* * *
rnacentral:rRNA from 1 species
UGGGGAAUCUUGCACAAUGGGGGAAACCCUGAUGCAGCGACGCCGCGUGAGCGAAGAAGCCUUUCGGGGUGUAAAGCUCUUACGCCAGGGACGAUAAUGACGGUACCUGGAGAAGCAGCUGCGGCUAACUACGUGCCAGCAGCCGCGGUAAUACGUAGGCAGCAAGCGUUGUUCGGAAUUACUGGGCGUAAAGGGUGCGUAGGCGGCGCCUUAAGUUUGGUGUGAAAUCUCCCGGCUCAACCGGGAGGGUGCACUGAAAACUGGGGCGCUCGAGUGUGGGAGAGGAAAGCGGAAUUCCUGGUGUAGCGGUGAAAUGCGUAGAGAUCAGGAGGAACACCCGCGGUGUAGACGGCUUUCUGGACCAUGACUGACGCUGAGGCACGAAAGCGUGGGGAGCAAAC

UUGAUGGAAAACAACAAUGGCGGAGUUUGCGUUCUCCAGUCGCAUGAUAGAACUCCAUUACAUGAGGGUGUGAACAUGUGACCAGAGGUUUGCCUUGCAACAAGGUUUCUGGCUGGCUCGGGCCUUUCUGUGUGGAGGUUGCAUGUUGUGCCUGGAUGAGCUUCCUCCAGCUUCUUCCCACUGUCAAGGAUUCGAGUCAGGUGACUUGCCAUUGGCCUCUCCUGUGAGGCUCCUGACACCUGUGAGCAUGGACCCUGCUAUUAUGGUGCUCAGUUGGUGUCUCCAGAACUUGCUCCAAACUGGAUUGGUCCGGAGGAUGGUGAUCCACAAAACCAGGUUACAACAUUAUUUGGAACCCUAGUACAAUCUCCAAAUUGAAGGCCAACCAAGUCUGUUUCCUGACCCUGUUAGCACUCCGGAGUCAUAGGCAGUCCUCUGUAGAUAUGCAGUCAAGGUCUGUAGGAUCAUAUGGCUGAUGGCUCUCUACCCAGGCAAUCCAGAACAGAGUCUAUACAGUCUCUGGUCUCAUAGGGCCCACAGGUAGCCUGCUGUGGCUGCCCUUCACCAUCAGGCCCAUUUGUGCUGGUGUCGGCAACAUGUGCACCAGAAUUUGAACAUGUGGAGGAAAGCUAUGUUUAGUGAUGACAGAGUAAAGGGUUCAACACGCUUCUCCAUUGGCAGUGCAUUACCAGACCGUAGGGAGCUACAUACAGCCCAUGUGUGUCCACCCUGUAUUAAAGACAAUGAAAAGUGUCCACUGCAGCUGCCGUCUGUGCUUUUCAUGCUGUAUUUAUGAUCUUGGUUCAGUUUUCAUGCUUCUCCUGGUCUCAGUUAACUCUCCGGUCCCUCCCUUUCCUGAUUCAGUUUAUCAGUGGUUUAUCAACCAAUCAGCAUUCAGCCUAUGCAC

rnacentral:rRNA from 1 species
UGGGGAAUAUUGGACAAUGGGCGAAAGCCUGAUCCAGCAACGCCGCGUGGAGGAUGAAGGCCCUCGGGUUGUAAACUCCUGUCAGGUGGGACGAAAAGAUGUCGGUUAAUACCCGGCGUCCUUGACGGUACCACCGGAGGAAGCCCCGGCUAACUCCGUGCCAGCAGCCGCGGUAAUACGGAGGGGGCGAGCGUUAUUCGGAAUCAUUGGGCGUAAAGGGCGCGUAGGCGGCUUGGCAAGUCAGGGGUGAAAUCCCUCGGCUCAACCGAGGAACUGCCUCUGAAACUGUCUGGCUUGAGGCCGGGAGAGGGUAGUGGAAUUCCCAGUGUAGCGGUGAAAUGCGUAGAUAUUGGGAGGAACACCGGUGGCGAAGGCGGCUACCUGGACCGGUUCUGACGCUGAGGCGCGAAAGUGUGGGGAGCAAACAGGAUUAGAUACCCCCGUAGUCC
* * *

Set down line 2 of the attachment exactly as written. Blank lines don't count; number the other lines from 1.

UGGGGAAUCUUGCACAAUGGGGGAAACCCUGAUGCAGCGACGCCGCGUGAGCGAAGAAGCCUUUCGGGGUGUAAAGCUCUUACGCCAGGGACGAUAAUGACGGUACCUGGAGAAGCAGCUGCGGCUAACUACGUGCCAGCAGCCGCGGUAAUACGUAGGCAGCAAGCGUUGUUCGGAAUUACUGGGCGUAAAGGGUGCGUAGGCGGCGCCUUAAGUUUGGUGUGAAAUCUCCCGGCUCAACCGGGAGGGUGCACUGAAAACUGGGGCGCUCGAGUGUGGGAGAGGAAAGCGGAAUUCCUGGUGUAGCGGUGAAAUGCGUAGAGAUCAGGAGGAACACCCGCGGUGUAGACGGCUUUCUGGACCAUGACUGACGCUGAGGCACGAAAGCGUGGGGAGCAAAC